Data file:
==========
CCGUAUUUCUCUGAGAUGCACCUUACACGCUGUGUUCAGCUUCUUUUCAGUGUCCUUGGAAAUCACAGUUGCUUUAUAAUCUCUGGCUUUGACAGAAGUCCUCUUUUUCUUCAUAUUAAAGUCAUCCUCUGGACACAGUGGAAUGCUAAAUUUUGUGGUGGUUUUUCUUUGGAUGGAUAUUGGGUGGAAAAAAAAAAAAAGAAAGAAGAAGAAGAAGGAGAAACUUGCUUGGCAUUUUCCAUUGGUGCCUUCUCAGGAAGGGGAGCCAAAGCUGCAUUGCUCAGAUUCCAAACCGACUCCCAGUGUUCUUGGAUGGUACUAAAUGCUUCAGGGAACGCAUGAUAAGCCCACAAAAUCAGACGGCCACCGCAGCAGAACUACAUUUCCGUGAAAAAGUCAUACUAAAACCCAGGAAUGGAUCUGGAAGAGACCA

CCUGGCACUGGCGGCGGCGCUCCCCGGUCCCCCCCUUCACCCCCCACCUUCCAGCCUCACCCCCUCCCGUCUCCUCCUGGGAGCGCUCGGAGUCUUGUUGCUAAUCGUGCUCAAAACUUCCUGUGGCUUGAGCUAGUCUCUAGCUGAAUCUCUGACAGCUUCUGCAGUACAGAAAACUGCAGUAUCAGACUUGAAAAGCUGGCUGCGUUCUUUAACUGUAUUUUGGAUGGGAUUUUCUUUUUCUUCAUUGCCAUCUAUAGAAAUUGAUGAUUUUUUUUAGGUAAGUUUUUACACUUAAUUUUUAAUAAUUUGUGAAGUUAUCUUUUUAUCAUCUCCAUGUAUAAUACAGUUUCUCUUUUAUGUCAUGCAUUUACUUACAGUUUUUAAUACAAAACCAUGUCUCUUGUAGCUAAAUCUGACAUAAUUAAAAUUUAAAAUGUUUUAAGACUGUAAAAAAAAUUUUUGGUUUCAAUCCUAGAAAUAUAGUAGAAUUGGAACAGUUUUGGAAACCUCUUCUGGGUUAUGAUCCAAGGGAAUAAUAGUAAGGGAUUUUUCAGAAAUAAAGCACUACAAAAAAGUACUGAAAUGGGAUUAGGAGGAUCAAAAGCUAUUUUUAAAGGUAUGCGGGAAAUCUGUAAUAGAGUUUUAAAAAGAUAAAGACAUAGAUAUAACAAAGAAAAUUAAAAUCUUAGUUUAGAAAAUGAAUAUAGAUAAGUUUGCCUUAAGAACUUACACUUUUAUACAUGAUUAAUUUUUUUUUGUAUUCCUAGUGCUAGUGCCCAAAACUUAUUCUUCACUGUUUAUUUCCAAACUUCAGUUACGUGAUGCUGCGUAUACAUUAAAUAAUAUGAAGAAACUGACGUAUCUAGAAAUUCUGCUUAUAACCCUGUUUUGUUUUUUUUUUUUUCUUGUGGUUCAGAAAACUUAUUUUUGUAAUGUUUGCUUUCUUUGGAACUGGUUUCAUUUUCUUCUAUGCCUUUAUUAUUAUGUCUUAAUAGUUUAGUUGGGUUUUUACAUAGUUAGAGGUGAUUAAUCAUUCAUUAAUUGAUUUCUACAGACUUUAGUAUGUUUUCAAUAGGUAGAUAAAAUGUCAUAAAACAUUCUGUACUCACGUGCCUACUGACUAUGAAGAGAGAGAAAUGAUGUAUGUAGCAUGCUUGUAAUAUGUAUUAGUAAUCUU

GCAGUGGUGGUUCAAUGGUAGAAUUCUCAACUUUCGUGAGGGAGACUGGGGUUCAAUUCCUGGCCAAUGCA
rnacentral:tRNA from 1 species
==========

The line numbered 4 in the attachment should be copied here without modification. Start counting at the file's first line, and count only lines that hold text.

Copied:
rnacentral:tRNA from 1 species